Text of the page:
With frozen dumplings, either prepared or homemade, you can boil the dumplings by 1) adding the dumplings to the pot, waiting for the water to re-simmer, adding a cup of water, wait to re-simmer, repeat again with another cup of water, then serve immediately as they float to the surface.
But the tastier version is to fry-steam them. Following Amber’s methods, pour some vegetable oil in a non-stick pan, coating the bottom thinly. Add your dumplings (I usually eat seven at a time) and allow them to fry over medium heat until golden brown on the bottom. Get your lid ready. Add a couple spoonfuls of water per dumplings, or enough to cover the bottom of the pan, and cover immediately, as splattering will commence. Steam them until most of the water is gone, which you will be able to hear. Serve immediately with dipping sauce.
Shou-wen’s Dipping Sauce
For the dipping sauce, I chop some garlic, boil some peanut oil until sizzling, then add the garlic to the oil. Pour the sizzling garlic oil on some dry chilli powder. Serve.
My dipping sauce
Slice thin some ginger, add some sesame oil, sliced scallions, and enough soy sauce.
Adapted from The Woks of Life
a bit of pork belly (optional)
5 cloves garlic, smashed and cut in half
5 dried red chilies, deseeded and very roughly chopped
1/2 head of cabbage, sliced for slaw
Shaoxing wine, soy sauce, sugar, water, Chinese black vinegar (didn’t have this one)
2 scallions, cut into 2-inch lengths
Heat oil and sear meat, if including. Add garlic and chilies, cook until fragrant. Add the cabbage and sauce ingredients. Cook until softened and cabbage edges are searing. Stir in the scallions and a pinch of salt.
Similar to Rasa Malaysia
pork (cut into bite-size cubes)
Sauce: oyster sauce, cornstarch, 3 dashes white pepper, soy sauce, Shaoxing wine, sugar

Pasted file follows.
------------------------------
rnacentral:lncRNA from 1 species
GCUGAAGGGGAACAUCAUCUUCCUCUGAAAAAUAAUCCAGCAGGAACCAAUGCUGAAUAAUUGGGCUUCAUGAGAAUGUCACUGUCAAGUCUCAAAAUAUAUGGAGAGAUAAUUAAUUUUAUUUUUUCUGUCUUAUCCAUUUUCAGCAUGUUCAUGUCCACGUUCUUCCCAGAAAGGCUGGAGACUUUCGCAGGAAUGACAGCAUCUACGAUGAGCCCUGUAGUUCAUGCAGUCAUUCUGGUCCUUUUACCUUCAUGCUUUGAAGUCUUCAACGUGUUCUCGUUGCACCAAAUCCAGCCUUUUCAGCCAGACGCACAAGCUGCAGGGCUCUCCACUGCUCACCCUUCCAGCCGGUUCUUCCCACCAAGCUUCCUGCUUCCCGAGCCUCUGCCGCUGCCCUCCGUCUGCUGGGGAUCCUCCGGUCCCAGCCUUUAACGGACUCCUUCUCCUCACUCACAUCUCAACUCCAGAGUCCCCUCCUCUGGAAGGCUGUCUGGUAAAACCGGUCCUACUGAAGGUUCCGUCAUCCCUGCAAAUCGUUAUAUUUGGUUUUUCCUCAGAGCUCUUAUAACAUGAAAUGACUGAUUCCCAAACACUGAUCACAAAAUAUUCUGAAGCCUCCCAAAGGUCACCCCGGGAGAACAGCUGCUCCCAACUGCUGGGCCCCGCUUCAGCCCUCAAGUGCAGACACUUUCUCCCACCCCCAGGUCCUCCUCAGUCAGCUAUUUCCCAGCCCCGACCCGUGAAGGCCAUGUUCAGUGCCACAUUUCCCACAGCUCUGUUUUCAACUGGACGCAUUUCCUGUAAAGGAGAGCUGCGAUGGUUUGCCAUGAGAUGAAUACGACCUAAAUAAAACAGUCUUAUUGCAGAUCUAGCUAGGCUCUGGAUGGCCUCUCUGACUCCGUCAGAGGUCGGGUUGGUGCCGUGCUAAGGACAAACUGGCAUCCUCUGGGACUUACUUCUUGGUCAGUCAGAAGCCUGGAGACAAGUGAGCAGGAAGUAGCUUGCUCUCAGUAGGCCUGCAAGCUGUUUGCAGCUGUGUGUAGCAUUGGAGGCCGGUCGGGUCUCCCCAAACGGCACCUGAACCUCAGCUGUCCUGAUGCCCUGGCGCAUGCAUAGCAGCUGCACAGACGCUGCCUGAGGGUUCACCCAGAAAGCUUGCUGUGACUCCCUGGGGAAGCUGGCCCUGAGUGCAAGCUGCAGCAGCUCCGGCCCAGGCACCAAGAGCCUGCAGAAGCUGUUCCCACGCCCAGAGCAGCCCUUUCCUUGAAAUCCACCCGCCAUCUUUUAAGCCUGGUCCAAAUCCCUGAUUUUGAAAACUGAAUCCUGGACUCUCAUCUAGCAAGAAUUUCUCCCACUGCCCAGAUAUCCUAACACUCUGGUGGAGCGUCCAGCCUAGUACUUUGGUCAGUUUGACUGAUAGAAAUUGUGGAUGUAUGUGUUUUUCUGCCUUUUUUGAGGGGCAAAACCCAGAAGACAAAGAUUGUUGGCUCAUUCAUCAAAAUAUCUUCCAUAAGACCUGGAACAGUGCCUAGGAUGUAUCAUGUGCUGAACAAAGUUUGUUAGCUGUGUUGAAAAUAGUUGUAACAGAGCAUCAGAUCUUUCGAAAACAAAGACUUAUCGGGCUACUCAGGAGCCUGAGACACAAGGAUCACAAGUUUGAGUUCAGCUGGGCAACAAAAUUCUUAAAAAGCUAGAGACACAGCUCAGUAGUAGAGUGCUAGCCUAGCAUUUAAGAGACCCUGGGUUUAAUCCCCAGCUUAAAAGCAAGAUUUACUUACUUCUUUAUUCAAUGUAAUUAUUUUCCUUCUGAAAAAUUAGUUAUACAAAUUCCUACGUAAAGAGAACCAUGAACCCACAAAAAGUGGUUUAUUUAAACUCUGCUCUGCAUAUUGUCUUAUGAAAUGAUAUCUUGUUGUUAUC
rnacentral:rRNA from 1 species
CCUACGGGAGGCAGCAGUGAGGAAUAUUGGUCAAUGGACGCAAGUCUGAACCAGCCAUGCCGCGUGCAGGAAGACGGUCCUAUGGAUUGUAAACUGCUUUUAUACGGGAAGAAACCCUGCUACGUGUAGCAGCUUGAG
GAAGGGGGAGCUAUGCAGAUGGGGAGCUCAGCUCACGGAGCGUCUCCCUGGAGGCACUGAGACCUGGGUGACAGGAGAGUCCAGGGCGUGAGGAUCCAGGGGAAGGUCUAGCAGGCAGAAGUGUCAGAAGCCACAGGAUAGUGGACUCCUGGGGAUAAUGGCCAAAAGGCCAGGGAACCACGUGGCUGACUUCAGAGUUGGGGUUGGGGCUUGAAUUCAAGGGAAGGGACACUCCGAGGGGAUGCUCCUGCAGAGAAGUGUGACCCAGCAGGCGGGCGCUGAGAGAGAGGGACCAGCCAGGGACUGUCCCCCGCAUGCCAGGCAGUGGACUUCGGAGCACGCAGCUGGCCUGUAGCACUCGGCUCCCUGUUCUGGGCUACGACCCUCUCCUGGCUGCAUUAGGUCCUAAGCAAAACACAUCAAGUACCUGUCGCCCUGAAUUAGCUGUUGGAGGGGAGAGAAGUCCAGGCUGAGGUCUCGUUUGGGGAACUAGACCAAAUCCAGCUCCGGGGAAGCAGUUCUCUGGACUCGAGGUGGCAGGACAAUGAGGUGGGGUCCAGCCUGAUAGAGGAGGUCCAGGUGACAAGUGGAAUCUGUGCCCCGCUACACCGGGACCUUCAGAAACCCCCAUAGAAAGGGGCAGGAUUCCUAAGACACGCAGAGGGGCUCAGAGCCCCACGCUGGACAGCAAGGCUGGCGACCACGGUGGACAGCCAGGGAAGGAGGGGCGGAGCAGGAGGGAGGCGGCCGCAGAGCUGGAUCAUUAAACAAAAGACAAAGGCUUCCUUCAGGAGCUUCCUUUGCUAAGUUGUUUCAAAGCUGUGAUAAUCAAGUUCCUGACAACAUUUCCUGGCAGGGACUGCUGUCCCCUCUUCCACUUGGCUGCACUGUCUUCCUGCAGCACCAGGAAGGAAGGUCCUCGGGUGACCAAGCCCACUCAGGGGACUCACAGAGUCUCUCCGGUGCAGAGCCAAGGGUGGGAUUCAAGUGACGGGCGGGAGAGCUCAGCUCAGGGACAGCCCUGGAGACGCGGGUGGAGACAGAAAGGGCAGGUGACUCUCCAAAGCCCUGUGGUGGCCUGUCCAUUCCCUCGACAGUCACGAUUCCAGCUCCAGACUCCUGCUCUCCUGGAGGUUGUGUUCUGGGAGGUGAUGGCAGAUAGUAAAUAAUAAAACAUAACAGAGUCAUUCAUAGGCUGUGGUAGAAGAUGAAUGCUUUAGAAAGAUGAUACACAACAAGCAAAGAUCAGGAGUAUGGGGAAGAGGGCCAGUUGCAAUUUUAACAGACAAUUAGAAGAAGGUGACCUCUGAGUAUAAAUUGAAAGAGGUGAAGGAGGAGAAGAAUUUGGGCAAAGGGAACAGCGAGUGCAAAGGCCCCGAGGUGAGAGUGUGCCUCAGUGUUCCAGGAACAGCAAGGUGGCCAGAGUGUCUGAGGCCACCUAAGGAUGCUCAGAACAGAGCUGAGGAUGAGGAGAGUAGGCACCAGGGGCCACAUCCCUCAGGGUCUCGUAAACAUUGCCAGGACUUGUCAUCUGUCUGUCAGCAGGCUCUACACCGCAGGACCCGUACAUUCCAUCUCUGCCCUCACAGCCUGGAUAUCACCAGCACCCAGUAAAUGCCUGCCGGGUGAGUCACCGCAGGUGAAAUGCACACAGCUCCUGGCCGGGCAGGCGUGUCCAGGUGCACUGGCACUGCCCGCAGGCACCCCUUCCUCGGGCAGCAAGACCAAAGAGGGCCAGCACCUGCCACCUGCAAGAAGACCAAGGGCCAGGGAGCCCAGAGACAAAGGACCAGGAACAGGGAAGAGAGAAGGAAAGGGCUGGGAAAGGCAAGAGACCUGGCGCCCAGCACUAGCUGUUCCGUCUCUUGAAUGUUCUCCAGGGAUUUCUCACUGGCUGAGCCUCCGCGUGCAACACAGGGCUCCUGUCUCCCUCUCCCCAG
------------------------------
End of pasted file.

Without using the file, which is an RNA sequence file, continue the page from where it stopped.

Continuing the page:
2 cloves garlic, sliced thinly
8 slices ginger, grated
2 scallions, trimmed and chopped
2 red chilies, seeded and finely sliced (optional)
Oil for frying
tomatoes, etc. vegetables of your choice!
Marinate pork in sauce (add a little water). Chop vegetables (edamame, celery, cilantro was in the fridge). Fry aromatics (garlic, ginger, scallions). Fry vegetables. Remove. Fry pork. Combine. Serve over rice.
jiānbǐng (traditional Chinese: 煎餅; literally: “fried pancake”) is a traditional Chinese street food similar to crepes. The main ingredients are a batter of wheat and grain flour, eggs and sauce. I forgot to put in the eggs and used wheat tortillas to wrap them instead.
1 clove of garlic, minced
meat of your choice (we used pork)
red wine, soy sauce, oyster sauce
pepper, garlic powder
vegetables of your choice, julienned
scallions and cilantro
chili sauce or hoisin sauce
Marinate the meat in red wine, black pepper, garlic powder, soy sauce and oyster sauce. Set aside. Julienne the vegetables. Pan fry the garlic in oil, then add the meat, then the vegetables. Fry until done. Let cool (don’t let it get too wet). Add scallions and cilantro, chili sauce or hoisin sauce to taste. Serve in a tortilla and fold like a burrito.
I would probably leave out the carrots, cabbage, and celery next time (I just used what was in the fridge, but cabbage is too wet for the filling). Next time I would put in tomatoes, potatoes, rice, bell peppers, eggs, mushrooms and chopped onions instead.
aka “Oily Rice” (油飯). Adapted from an Intercollegiate Taiwanese American Students Association (ITASA) cooking workshop recipe hosted by the National Alliance of Taiwan Women’s Associations (NATWA)